FoMR: Secure, Light-Weight Speculative Engines for Coordinated and Cohesive Speculation in Future Memory Systems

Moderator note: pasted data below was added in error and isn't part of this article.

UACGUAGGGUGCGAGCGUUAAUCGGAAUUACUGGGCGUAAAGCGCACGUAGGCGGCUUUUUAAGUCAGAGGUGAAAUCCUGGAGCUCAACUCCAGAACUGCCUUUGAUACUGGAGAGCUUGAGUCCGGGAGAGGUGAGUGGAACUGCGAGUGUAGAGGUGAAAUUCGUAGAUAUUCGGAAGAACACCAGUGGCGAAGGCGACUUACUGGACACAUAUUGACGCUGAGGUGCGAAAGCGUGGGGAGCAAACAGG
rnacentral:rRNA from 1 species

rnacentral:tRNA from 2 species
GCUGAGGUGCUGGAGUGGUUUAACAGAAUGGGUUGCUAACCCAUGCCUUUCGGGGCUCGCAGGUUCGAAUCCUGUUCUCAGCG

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The scaling of computer systems through the next decade poses a grand challenge due to the slowing down of the decades-long trend of packing more processors into a given area at the same cost. In this new era, the benefits of improved manufacturing processes will largely end. Thus, processor performance must be won through processor design advancement. The goal of this research is to develop secure techniques to improve processors performance by accurately speculating on future memory references and data values.At a high level the research leverages light-weight speculation engines, speculating on program path and data values without the overheads of a full core, predicting reference patterns and speculating on read/write sets to alleviate memory latency effects on instruction-level parallelism (ILP) extraction. This project addresses a critical need for new architectural techniques which securely improve both power efficiency and ILP. Furthermore, this project addresses the need for computer engineers at all levels with an understanding of efficient, secure processor design, as the computer industry struggles to attract talent with the skills to meet these challenges.This award reflects NSF''s statutory mission and has been deemed worthy of support through evaluation using the Foundation''s intellectual merit and broader impacts review criteria.